After years of complex health issues, multiple surgeries, too many medications to name and months in hospital, I thought getting a flu jab would be a simple, fuss free event. It started when a nurse in hospital clinic asked in passing whether I had had my flu jab this year. I said I had never had one and she was surprised and asked me to see my GP and arrange one.
My immune system is shagged and I catch everything going. I caught flu a few years back and spent a week in hospital. Anyway, I pondered this and asked on my Facebook page whether other people with IBD had flu jabs. The answer was a resounding YES! And so I called the GP and asked the receptionist if she could check with a doctor if I should have one. She said she would check and call back. She did not call back.
So when I was seeing a GP recently, regarding my pouchitis, I asked her and she thought I should have one. She said she would check with another doctor and let me know. Last week I got a phone call from the surgery asking me to attend this week for my flu jab! Result!
Today I trundled along to the GP surgery for my 10.15am appointment. As I was called through, the health care assistant looked at the screen and asked why I was having this. I replied that I have Ulcerative Colitis and have had my colon removed, that I had a rubbish immune system and that it had been recommended by doctors.
She shook her head, stood up and left the room. She returned and said “Well, you shouldn’t be having this but seeing as you are here, we will do it but only this one time!” I was quite surprised and asked her why I had been called in my the surgery for this appointment, if I didn’t need the shot? She said she didn’t know.
I asked if I shouldn’t be having this because it was bad for me, she said I wasn’t on the list of reasons to give the shot. She appeared a little angry with me but I wanted to be clear on whether I should or shouldn’t have it and so I questioned again why I had been called in for this appointment. She said it wasn’t the doctors here that had asked for it, I said it was, and tried to explain about seeing the GP. She rolled her eyes and stood up, asking if I wanted to have the jab or not.
She was quite aggressive. I said to her “Look, I’m not sure why, but I feel like you’re being a bit weird with me and I am just trying to ask what the confusion is.”
“I am not being weird!” she said loudly. She was actually being aggressive, but I didn’t want to use the word ‘aggressive’. She then took the cap off the needle and stood over me, saying “are you having this or not”. I looked away and said “fine”.
She then span round and walked out, holding the needle. I was a bit shaken and so stood up and put my coat back on, I didn’t want this woman to inject me with anything! Then a nurse came back in and asked if I was having the jab. I explained that the other woman had been quite aggressive and I was just trying to understand what the problem was and whether I was supposed to be having the flu jab or not. She was friendlier and said that the other woman was a healthcare assistant and trained to just read the basic instructions on the screen.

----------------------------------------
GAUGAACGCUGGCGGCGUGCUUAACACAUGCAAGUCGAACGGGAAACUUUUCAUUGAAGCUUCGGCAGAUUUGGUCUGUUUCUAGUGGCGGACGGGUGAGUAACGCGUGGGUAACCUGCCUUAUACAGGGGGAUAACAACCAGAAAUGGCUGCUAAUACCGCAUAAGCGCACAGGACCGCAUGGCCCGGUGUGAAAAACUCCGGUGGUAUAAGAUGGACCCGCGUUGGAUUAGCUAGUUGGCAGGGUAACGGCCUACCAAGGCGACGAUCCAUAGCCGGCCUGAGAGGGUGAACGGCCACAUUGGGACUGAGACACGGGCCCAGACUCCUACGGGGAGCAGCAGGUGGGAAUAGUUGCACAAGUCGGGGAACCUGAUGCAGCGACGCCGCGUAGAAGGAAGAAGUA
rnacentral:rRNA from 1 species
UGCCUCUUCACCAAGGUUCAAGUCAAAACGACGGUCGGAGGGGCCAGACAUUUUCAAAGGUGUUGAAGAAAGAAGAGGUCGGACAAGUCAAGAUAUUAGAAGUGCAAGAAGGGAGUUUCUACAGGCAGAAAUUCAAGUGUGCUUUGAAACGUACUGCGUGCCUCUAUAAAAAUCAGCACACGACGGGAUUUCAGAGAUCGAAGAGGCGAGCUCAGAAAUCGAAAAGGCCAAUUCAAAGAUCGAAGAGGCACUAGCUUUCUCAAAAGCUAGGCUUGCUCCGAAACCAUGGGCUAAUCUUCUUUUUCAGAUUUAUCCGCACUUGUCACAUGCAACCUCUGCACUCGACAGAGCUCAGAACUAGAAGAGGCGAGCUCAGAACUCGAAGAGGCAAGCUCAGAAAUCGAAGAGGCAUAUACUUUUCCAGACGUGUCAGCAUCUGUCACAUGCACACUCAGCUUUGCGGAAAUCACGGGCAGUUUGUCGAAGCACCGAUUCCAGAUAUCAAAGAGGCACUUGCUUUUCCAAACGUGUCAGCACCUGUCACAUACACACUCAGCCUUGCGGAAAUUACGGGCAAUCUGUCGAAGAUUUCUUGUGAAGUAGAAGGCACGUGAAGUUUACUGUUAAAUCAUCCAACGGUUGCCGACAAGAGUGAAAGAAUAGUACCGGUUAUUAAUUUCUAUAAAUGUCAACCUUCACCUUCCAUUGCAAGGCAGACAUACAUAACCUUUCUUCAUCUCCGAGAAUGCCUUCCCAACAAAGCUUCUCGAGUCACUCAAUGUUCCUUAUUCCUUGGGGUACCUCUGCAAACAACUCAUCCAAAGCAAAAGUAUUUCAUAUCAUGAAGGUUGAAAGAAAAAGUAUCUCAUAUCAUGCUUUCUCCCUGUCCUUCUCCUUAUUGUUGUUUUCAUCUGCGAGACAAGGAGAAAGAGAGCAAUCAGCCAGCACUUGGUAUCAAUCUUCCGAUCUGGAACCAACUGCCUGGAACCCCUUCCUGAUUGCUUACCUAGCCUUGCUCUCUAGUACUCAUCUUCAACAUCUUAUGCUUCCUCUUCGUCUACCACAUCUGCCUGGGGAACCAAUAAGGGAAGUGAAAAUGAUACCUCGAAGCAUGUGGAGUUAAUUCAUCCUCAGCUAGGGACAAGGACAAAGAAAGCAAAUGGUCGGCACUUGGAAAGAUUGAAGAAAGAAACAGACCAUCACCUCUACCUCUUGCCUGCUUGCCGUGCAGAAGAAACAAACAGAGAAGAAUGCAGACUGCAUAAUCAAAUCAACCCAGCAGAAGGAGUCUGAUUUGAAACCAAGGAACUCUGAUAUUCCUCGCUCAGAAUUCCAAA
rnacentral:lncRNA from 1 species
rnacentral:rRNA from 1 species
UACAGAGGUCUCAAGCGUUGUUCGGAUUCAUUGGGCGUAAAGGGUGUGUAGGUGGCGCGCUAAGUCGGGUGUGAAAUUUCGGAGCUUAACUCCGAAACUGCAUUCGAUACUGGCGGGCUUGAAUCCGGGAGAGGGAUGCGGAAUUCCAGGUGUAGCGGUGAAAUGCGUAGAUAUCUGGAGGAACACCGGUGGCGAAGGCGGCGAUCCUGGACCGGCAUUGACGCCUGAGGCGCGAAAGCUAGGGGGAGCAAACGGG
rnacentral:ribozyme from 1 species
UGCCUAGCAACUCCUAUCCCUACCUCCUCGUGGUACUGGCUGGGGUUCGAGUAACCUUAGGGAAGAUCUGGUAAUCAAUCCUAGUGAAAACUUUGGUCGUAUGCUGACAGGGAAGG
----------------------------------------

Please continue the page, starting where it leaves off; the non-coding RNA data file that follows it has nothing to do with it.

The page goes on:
I decided to have the shot and took off my coat. She gave the needle and it was over. I started to cry and was embarrassed so said “Look, Im sorry if I am being over sensitive”, she said that she would speak to the assistant about it all. I was really crying as I left the room. Big snot bubble weeping.
I stood in the reception in floods of tears. I know I am being over sensitive, I know that usually I wouldn’t be so upset by this, but I am in a delicate place right now, I am just out of hospital and preparing for major surgery and this did bother me. I felt really silly to be honest that I was so upset but you know that damn straw that breaks the camel’s back? Well this was mine today.
Perhaps this woman was having a bad day, maybe she didn’t know how to deal with the situation, but today really sucked and I walked out of there feeling upset, embarrassed and unsure of whether I should have even had the jab! Surely part of being a healthcare assistant means dealing with people who may be in sensitive or emotional states. I obviously annoyed her by questioning why I had been called in but she didn’t once speak kindly or apologise. She was mean and aggressive and really needs to consider how her actions affect the very people she is meant to be helping.
The NHS recommends this;
The injected flu vaccine is offered free of charge on the NHS to anyone with a serious long-term health condition. That includes these types of illnesses:
- chronic (long-term) respiratory diseases, such as asthma (which requires an inhaled or tablet steroid treatment, or has led to hospital admission in the past), chronic obstructive pulmonary disease (COPD), or bronchitis
- chronic heart disease, such as heart failure
- chronic kidney disease
- chronic liver disease, such as hepatitis
- chronic neurological conditions, such as Parkinson’s disease or motor neurone disease
- problems with your spleen – for example, sickle cell disease or if you have had your spleen removed
- a weakened immune system as the result of conditions such as HIV and AIDS, or medication such as steroid tablets or chemotherapy
This list of conditions isn’t definitive. It’s always an issue of clinical judgement.
Your GP can assess you individually to take into account the risk of flu exacerbating any underlying illness you may have, as well as your risk of serious illness from flu itself. The vaccine should always be offered in such cases, even if you are not technically in one of the risk groups above.
Don’t be put off by my experience though, if you think you should be having the flu jab, get in touch with your GP.